Bank-bashing is the thing to do these days, but some people still want
the comfort and security of having their money in a financial
The word "as-is" can indeed be one scary phrase. Especially when buying
a home in today's market where foreclosures and short sales that need
fix-up work are plentiful.
It's been 16 months since Eugene and Patricia Harrison last paid the
mortgage on their Perris, Calif., home. Eleven months since the notice
got slapped on their front door, warning that it would be sold at
Ladies and gentlemen, may the best investor win. Sick of squabbling
with one another as stocks tanked, some married couples have decided to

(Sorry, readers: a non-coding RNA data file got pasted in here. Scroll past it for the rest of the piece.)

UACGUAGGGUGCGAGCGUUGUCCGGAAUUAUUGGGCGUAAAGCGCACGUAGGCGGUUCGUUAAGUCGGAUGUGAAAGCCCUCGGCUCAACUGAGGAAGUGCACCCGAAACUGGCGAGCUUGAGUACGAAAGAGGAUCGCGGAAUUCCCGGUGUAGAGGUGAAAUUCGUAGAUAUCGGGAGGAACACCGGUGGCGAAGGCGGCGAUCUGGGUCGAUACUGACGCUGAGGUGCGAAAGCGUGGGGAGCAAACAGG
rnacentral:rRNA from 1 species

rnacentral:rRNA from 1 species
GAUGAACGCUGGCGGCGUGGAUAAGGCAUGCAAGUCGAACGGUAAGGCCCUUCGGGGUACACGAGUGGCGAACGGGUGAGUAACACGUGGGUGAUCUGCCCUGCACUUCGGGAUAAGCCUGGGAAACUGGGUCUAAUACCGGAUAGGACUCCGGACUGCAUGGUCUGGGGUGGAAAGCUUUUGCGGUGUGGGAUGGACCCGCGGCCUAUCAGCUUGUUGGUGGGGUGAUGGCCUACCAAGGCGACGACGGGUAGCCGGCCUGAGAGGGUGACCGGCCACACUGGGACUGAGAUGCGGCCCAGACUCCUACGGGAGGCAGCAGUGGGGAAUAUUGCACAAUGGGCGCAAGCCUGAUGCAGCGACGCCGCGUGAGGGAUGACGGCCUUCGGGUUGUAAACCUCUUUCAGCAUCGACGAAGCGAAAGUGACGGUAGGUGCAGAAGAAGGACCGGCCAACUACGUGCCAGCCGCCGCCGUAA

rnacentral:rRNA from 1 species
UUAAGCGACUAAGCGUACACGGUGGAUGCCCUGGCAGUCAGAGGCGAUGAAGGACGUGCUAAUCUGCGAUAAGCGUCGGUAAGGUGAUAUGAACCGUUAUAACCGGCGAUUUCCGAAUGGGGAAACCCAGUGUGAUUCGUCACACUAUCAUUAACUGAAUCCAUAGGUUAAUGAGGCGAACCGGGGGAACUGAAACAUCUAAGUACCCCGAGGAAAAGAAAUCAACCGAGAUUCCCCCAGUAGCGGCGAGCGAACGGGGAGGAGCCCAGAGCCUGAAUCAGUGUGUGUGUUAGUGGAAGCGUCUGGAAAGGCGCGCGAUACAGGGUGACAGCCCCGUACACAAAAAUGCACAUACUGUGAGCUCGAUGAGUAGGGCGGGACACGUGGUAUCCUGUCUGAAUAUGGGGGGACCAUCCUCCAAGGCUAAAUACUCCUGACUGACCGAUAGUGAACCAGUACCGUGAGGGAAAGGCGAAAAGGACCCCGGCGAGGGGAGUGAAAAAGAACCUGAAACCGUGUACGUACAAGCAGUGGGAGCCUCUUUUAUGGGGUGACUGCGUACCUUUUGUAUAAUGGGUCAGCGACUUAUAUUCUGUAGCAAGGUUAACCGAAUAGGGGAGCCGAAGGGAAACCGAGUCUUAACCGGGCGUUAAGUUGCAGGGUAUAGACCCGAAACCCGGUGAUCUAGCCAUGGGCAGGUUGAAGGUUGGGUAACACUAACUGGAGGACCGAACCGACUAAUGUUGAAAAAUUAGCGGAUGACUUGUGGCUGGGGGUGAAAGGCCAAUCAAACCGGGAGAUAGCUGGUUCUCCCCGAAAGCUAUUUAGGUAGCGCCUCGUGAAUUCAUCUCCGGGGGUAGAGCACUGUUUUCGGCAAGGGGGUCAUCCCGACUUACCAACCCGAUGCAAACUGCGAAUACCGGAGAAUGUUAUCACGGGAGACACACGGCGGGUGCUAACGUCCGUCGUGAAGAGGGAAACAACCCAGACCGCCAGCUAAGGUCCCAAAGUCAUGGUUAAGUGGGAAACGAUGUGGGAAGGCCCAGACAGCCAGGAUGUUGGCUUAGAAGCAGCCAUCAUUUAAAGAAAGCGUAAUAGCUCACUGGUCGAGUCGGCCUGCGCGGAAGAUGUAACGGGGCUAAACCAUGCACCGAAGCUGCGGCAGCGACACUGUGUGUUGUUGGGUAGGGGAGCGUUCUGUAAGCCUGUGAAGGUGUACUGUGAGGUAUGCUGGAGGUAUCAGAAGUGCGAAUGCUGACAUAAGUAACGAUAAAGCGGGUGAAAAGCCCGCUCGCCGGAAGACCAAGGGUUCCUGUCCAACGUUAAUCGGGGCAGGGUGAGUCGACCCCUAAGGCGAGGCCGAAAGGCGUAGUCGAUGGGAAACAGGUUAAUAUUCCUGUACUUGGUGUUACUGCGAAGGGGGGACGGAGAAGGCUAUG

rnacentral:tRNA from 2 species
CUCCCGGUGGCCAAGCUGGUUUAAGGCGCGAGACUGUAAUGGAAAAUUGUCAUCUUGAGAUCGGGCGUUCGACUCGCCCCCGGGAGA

draw a red line through their financial houses.
President Barack Obama on Tuesday unveiled details of a proposal that
would give rebates at the cash register to people who want to make
their homes more energy-efficient.
I think we can all agree on one thing: Saving is good.
A surge of early retirements and a decline in payroll tax revenue
caused by the recession have begun to cut deeply into Social Security's
JuWanda Harris spent the last year rising before the sun to work two
jobs, using the money to support her brother and sister and help her
parents with everything from gas bills to toothpaste.